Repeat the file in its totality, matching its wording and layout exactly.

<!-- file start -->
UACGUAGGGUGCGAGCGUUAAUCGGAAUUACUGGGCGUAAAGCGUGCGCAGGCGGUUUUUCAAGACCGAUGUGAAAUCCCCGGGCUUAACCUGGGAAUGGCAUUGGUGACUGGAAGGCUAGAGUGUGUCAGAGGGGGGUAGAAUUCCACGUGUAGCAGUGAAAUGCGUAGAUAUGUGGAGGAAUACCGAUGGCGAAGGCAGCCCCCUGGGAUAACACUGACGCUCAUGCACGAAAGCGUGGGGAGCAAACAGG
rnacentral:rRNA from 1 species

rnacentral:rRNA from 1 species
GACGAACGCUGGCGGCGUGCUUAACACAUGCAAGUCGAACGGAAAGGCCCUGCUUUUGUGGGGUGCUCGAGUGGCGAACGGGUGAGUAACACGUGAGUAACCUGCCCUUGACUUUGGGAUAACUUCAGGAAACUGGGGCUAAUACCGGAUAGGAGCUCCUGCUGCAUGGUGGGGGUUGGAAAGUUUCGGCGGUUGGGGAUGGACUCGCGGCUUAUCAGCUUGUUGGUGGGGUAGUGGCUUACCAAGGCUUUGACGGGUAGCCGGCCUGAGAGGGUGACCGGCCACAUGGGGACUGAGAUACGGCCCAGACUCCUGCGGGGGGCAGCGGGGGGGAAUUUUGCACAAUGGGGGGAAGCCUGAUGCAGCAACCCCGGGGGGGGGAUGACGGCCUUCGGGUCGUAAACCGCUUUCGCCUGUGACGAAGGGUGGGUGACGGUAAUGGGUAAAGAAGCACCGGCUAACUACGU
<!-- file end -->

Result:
UACGUAGGGUGCGAGCGUUAAUCGGAAUUACUGGGCGUAAAGCGUGCGCAGGCGGUUUUUCAAGACCGAUGUGAAAUCCCCGGGCUUAACCUGGGAAUGGCAUUGGUGACUGGAAGGCUAGAGUGUGUCAGAGGGGGGUAGAAUUCCACGUGUAGCAGUGAAAUGCGUAGAUAUGUGGAGGAAUACCGAUGGCGAAGGCAGCCCCCUGGGAUAACACUGACGCUCAUGCACGAAAGCGUGGGGAGCAAACAGG
rnacentral:rRNA from 1 species

rnacentral:rRNA from 1 species
GACGAACGCUGGCGGCGUGCUUAACACAUGCAAGUCGAACGGAAAGGCCCUGCUUUUGUGGGGUGCUCGAGUGGCGAACGGGUGAGUAACACGUGAGUAACCUGCCCUUGACUUUGGGAUAACUUCAGGAAACUGGGGCUAAUACCGGAUAGGAGCUCCUGCUGCAUGGUGGGGGUUGGAAAGUUUCGGCGGUUGGGGAUGGACUCGCGGCUUAUCAGCUUGUUGGUGGGGUAGUGGCUUACCAAGGCUUUGACGGGUAGCCGGCCUGAGAGGGUGACCGGCCACAUGGGGACUGAGAUACGGCCCAGACUCCUGCGGGGGGCAGCGGGGGGGAAUUUUGCACAAUGGGGGGAAGCCUGAUGCAGCAACCCCGGGGGGGGGAUGACGGCCUUCGGGUCGUAAACCGCUUUCGCCUGUGACGAAGGGUGGGUGACGGUAAUGGGUAAAGAAGCACCGGCUAACUACGU